I never really thought about my hair that much. That changed in the space of five days last October when it all fell out. Then I started to think about it quite a lot.

Since those few days, I’ve learned that I suffer from a rare form of alopecia areata. An autoimmune condition that causes your body to attack the hair follicles. I’ve lost all the hair from my head and much of my body. My beard fought on for a while but recently lost that fight. The moustache and, in a cruel twist of fate, the shoulder fuzz remain strong. There is currently no cure although treatments do exist.

Losing your hair in the space of a few days in October, or any month I imagine, is rather tough. Yes, ‘it’s only hair’ but it’s also a lot more than that. The mental health and psychosocial impacts are devastating. At first, I tried to take it in my stride. I find that in life you can laugh or cry in most situations. I go for the first option as much as possible. I smiled and joked through for as long as I could but eventually, it caught up with me.

I spent weeks hiding from the mirror. It’s not just your appearance, it’s that when you look, a stranger is staring back at you. Every moment is spent worrying about how much more you’re going to lose. I didn’t want to leave the house. I lost confidence and social skills. For a short while, I lost hope for the future. The struggles led me to a pretty dark place but over time I'm getting back to being a bit more me.

Support and treatment for alopecia is, in a word, a bit shit. Securing an NHS appointment with a specialist can take over a year. Unacceptable when it's known that early intervention significantly influences outcomes. Drugs now exist that are proven to help in restoring your hair, having a huge impact on mental health and quality of life. The NHS won't fund them. Instead, they offer a cream or a wig. For a condition that is proven to greatly increase the risk of suicide and self-harm, things need to be better.

It’s reasons like this that I’m supporting the work of Alopecia UK.

I came across Alopecia UK a few weeks after I was diagnosed. I don’t love showing I’m vulnerable to random folk. But, on a particularly tough Monday morning, I gave them a call. I opened ‘I have alopecia, I don’t really know what I want from this chat’... In hindsight, it was the beginning of me starting to move forward. She told me her story, and I told her mine. She was the first person who just got it. I didn’t need to explain why I was struggling so much. I didn’t need to explain the fear and anger and sadness. The fact that it wasn’t just hair. The annoyance at friends and family for saying the wrong things, or the right things at the wrong time. I learned more about the disease and the system that continually fails the patients. I learned that my struggles were not unique. I felt less alone and a little bit better.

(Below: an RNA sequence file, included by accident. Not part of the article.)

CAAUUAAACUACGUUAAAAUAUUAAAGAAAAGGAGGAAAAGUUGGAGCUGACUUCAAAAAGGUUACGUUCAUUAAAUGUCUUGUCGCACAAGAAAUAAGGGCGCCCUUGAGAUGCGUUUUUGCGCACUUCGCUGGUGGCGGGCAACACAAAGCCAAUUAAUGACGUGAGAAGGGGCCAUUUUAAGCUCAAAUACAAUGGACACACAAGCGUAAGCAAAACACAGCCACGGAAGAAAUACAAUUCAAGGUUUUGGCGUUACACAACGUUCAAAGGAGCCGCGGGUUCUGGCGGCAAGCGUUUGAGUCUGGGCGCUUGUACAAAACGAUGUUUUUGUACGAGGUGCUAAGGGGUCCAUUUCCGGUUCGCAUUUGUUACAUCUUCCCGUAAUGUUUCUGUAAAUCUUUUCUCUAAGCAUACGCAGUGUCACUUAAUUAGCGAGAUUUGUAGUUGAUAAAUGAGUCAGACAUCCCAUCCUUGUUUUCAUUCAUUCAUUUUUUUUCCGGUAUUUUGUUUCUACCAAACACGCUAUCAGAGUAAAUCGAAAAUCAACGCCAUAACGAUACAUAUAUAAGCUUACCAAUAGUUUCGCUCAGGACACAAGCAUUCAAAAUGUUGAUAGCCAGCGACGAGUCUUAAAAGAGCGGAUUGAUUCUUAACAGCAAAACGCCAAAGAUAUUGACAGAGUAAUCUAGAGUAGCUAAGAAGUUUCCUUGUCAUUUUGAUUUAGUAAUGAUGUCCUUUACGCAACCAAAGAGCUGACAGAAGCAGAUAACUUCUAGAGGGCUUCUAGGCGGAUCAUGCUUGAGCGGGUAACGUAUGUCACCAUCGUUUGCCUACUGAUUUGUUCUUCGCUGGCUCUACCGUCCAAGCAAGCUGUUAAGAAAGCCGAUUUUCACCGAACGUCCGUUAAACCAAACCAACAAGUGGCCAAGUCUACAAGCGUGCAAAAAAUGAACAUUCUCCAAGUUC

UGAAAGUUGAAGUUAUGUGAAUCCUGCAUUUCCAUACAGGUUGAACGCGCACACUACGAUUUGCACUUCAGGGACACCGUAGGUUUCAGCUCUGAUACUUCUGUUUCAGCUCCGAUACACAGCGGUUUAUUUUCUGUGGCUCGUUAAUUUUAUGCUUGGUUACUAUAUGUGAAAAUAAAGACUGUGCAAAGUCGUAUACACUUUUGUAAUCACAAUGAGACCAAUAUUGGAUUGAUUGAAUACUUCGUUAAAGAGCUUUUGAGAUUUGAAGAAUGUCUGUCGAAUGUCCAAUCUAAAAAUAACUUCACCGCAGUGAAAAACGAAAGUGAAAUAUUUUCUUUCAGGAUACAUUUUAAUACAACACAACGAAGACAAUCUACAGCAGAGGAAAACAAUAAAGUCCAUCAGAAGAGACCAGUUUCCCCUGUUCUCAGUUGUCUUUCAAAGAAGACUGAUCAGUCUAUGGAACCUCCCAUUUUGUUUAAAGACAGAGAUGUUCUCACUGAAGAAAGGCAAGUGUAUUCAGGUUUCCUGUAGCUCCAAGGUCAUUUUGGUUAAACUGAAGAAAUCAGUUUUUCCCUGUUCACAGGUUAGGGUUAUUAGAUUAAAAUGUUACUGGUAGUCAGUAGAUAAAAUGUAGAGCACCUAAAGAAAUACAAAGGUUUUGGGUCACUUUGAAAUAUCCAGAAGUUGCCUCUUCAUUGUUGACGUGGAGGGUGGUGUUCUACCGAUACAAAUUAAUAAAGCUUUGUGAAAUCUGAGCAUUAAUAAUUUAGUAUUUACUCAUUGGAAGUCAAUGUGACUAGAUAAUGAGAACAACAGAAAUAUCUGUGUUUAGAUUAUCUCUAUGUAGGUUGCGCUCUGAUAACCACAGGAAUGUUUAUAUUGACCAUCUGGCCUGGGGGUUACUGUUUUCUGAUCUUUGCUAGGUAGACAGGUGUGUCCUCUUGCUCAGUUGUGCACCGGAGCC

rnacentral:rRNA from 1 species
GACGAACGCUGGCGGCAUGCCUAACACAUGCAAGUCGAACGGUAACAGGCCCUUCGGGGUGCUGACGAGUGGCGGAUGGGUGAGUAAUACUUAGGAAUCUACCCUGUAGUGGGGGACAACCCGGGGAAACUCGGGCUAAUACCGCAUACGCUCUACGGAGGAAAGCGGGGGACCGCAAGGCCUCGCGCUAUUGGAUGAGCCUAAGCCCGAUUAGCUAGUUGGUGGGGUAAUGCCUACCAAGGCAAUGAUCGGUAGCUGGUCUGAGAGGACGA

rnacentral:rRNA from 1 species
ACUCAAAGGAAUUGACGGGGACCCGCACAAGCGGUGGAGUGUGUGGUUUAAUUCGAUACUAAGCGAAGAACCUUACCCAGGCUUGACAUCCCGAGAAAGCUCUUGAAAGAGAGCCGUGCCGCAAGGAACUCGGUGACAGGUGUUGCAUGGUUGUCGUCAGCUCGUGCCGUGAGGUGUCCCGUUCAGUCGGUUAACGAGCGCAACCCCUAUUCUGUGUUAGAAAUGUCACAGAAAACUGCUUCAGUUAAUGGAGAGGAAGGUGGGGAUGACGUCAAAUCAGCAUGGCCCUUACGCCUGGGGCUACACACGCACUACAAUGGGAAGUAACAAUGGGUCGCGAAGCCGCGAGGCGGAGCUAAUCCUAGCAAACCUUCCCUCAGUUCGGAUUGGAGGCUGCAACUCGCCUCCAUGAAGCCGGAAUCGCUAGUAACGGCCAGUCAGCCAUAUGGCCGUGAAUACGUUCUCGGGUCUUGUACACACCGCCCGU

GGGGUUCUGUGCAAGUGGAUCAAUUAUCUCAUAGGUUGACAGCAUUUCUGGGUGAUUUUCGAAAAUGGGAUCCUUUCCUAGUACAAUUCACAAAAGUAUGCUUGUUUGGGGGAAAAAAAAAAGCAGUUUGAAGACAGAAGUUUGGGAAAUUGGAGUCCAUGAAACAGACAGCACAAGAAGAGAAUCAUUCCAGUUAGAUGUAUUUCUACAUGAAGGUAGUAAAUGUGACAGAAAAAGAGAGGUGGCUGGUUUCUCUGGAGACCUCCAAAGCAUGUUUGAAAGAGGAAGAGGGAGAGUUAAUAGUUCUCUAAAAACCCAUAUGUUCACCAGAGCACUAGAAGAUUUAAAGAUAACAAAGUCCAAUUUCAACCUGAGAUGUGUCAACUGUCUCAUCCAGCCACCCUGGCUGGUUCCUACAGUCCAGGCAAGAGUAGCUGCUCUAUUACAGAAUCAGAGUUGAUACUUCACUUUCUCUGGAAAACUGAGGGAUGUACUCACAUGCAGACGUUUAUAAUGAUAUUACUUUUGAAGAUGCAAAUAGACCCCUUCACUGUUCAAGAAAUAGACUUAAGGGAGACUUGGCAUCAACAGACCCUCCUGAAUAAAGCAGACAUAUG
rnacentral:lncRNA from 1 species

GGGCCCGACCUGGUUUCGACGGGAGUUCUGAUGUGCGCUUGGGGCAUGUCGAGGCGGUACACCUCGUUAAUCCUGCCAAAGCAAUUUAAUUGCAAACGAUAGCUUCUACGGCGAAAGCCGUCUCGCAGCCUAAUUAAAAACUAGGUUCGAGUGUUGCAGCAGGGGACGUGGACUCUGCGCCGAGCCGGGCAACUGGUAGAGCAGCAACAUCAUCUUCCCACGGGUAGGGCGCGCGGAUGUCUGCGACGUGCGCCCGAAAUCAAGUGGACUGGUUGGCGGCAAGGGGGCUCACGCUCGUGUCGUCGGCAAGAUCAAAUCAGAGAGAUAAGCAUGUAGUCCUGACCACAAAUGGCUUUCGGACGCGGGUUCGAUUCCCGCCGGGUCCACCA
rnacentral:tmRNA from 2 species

Alopecia UK is a small charity with a small budget yet, is the largest alopecia charity in the UK. They focus on supporting and informing people affected by alopecia, raising awareness with both public and professionals, advocating for patients and funding research where they can.

To help them in their goals this March I’m cycling up and down the same mountain in Spain until I reach the height of Everest - 8849 metres. It’s not going to be fun. I do love cycling but I do not love cycling up and down the same hill for 15 hours.

For me, I feel lucky to be able to try the latest treatments privately. For many, that’s not an option. My hair might grow back and it might not. I might lose more hair. It’s something I deal with some days better than others. Whatever happens, I’m hoping to use my experience, and my fundraising, to make it a little bit less shit for people in the future.

Thanks to Jacob for sharing his experience, and for fundraising for Alopecia UK with is Everesting cycle challenge. If you would like to add a donation and some words of support to Jacob's JustGiving page, you can do so here